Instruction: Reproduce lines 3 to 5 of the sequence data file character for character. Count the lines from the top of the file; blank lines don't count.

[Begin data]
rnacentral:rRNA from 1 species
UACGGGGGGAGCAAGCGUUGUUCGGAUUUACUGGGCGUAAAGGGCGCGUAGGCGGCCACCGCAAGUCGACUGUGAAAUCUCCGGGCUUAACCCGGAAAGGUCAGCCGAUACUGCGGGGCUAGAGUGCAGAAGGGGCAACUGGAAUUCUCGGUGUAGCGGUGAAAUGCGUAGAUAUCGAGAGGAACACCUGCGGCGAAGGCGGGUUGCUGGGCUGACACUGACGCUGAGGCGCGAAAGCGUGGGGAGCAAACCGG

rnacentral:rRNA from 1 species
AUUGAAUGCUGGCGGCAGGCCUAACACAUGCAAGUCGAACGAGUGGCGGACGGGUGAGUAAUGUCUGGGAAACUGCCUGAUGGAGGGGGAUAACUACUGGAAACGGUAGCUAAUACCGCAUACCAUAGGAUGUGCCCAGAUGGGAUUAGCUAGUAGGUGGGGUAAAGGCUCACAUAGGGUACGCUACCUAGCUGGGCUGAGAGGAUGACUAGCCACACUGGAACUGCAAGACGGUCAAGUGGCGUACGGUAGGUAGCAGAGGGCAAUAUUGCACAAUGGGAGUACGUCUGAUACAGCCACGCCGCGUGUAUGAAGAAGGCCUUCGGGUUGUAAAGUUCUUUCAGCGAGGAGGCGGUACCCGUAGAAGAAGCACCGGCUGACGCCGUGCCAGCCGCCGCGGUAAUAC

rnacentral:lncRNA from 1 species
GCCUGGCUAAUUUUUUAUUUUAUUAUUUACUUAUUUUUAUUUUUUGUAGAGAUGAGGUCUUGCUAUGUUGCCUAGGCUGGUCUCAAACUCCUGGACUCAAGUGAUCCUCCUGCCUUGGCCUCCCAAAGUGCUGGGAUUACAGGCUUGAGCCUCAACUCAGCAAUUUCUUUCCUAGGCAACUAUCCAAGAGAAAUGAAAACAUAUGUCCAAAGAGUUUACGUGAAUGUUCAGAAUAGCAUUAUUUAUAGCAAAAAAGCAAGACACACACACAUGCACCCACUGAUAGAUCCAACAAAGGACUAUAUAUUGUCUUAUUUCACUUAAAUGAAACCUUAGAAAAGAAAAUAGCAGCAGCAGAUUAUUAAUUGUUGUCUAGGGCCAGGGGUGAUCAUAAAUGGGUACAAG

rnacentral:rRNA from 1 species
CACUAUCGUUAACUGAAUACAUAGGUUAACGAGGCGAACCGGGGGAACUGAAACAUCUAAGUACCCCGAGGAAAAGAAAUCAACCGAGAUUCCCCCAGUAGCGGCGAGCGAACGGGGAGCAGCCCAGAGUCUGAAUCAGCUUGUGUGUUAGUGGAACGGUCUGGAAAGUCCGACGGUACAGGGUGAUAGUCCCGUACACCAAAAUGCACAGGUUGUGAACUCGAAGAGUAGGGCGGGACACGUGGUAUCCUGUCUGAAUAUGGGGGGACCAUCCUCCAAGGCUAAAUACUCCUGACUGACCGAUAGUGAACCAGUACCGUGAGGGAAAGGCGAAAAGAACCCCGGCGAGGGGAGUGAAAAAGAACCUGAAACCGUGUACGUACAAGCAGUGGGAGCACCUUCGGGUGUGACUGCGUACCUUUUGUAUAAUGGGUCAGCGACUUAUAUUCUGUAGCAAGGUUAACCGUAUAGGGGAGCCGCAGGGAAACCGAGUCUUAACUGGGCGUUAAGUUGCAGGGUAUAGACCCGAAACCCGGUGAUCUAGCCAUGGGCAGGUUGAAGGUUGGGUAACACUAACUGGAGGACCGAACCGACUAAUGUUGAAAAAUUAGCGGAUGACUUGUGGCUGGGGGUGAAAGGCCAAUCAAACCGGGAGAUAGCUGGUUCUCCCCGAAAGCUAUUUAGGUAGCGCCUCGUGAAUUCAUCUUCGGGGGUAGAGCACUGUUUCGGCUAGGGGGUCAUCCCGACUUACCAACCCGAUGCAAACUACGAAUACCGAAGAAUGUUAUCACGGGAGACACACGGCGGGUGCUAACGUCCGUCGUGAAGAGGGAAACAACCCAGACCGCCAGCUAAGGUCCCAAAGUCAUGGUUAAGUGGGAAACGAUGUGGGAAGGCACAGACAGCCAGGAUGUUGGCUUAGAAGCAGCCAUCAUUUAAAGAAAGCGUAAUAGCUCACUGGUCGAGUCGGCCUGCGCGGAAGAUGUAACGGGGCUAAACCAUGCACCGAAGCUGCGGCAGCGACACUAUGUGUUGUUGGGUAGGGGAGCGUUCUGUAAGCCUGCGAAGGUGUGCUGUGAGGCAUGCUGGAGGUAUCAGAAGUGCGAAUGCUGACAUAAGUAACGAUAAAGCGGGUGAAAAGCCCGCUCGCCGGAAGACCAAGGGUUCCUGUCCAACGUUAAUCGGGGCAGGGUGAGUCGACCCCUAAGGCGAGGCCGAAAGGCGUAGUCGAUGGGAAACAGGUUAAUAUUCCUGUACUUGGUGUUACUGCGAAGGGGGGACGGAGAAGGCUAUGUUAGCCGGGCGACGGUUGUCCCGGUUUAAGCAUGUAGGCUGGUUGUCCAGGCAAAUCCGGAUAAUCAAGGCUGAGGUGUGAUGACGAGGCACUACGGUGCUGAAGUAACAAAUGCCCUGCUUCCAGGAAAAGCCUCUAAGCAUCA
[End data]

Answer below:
rnacentral:rRNA from 1 species
AUUGAAUGCUGGCGGCAGGCCUAACACAUGCAAGUCGAACGAGUGGCGGACGGGUGAGUAAUGUCUGGGAAACUGCCUGAUGGAGGGGGAUAACUACUGGAAACGGUAGCUAAUACCGCAUACCAUAGGAUGUGCCCAGAUGGGAUUAGCUAGUAGGUGGGGUAAAGGCUCACAUAGGGUACGCUACCUAGCUGGGCUGAGAGGAUGACUAGCCACACUGGAACUGCAAGACGGUCAAGUGGCGUACGGUAGGUAGCAGAGGGCAAUAUUGCACAAUGGGAGUACGUCUGAUACAGCCACGCCGCGUGUAUGAAGAAGGCCUUCGGGUUGUAAAGUUCUUUCAGCGAGGAGGCGGUACCCGUAGAAGAAGCACCGGCUGACGCCGUGCCAGCCGCCGCGGUAAUAC

rnacentral:lncRNA from 1 species